What it also goes to show is that mainstream media, social trends and lack of cultural understanding have allowed us to consider aspects of other peoples culture useful to our own ends.

I think there is a fine line between appropriation and appreciation.

Appropriation in my opinion involves a level of ignorance. Appreciation on the other hand focuses around respect and making an active choice to delve deeper and learn more.

For me, it’s easy to wear westernised clothes, not because I am culturally appropriating but more because the western culture almost demands that I assimilate. Perhaps it is the simple fact that I was born into the western culture, the more dominant of the two? I honest believe that if I chose to wear traditional ethnic clothing into the workplace, there would be a level of stigma attached to it – it feels to me almost like it is seen as unprofessional. Perhaps those from a western cultural background feel it therefore normal to appropriate from other cultures – do they see it as just a like for like exchange? I mean, I don’t think it is… but could it be?

If I take my partner for a moment, he is white. During my sister’s wedding, he was invited to wear traditional dress. At no point did it come across as a ‘costume’ but instead it showed that he was someone invited to engage in our culture. And in all fairness, he is a part of our family and so to not invite him to partake would be a failing on our part because by marrying me.. he was embracing my culture as I would be embracing his. I feel that is an example of cultural exchange and appreciation. Valuing cultural traditions rather than using them as a means to get likes on social media.

I personally feel this is a really difficult topic to navigate – do we stop eating pizza because it’s Italian, do we choose not to drink certain coffee brands because the beans are Brazilian…do we not buy a lamp in Morocco because it utilises an Arabian pattern? I don’t think that’s the case here … I think it’s about understanding that cultures are different and each one is unique and special. We have to respect that and value it, rather than disregard it. We need to understand what aspects of marginalised cultures have been appropriated, be aware of the exploitations and make informed choices when we choose to engage with other cultures.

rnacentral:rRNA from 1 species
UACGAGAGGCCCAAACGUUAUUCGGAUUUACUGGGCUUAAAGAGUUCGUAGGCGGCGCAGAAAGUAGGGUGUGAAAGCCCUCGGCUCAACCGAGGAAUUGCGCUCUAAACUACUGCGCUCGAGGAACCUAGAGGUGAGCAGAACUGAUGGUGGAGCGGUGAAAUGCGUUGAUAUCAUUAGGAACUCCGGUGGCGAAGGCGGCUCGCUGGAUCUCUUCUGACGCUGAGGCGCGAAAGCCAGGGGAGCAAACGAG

When I see a white celebrity wearing a bindi – do I get annoyed?.. YES. It’s a symbol of the Hindu and Sikh cultures. It’s not a fashion accessory. I’m Indian, so that’s means that I can wear one right? No.. I’m muslim. Therefore it is not a part of my culture despite me being Indian, do I need to wear it? No. The bindi is actually another beautiful nuance afforded to us as Indians. Even within the Indian culture, there a unique differences and we ourselves need to be mindful of those.

Just in case you wonder what the bindi actually is: it has always been a red dot worn on the forehead, most commonly to represent a married woman. The bindi is also said to be the third eye in Hindu religion, and it can be used to ward off bad luck.

Western culture is an amalgamation of so much that has been chopped and tossed together that often we know that something is appropriated but it’s now so embedded into the westernised culture that it is hard to let go of.

This post isn’t about telling people what to wear, it’s about helping us all understand that cultural appropriation is in itself a big and real issue – quite simply because it can demonstrate an imbalance of power and a disregard of culture – a reminder that there we those that we colonised and those that were the colonisers.

Some more articles that are worth reading on this:

I’d love to hear your thoughts on this… comment below.